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Panamanians Protest Against Mining Contract for 7 Days in a Row

  • Protests in Panama City, Oct. 28, 2023.

    Protests in Panama City, Oct. 28, 2023. | Photo: X/ @CatatumbComunes

Published 29 October 2023

"Mining causes irreparable environmental damage, which takes many years to recover from," a protester said.

Panamanians persist in demanding the repeal of the law through which President Laurentino Cortizo granted a concession to the company Minera Panama, a subsidiary of the Canadian firm First Quantum Minerals, to extract copper from an open-pit mine in Donoso, a forested area in the province of Colon, approximately 120 kilometers from Panama City.


Panama: Cortizo Bans New Mining Concessions amid Protests

On Saturday, eight vessels attempted to enter the facilities at Punta Rincon port in an effort to disrupt Minera Panama's port operations.

Previously, on Friday, Cortizo issued a decree prohibiting the granting of new metallic mining concessions in the country. However, his decision has not quelled the unrest among Panamanians, who continue to take to the streets and stage mass protests.

"The president hasn't informed us of anything. He's simply holed up in his house. He hasn't given us any solution to the problem he created," a protester in Panama City said.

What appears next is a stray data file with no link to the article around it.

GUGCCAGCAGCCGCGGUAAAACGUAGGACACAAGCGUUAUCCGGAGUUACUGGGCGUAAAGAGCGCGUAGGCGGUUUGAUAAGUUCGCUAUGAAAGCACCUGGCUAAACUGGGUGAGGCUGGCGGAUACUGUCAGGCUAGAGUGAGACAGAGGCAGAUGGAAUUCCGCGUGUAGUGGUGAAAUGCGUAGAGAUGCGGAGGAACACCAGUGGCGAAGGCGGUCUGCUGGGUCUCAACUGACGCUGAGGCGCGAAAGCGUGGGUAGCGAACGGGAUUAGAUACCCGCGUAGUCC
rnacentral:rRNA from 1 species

"Whole families are marching because we know that mining causes irreparable environmental damage, which takes many years to recover from. The government needs to realize that we don't want mining," said another Panamanian citizen.

"The contract needs to be eliminated. Mr. Laurentino Cortizo, eliminate that contract! Do it for the people! We don't want mining contracts," he added.

Besides denouncing the prevailing corruption in the Cortizo administration, the Panama CIty protesters expressed their "tiredness of political leaders' abuse."

Signed in 1991, the contract with Minera Panama has been criticized multiple times for being unconstitutional. Nevertheless, it was ratified by the Parliament on Oct. 20.

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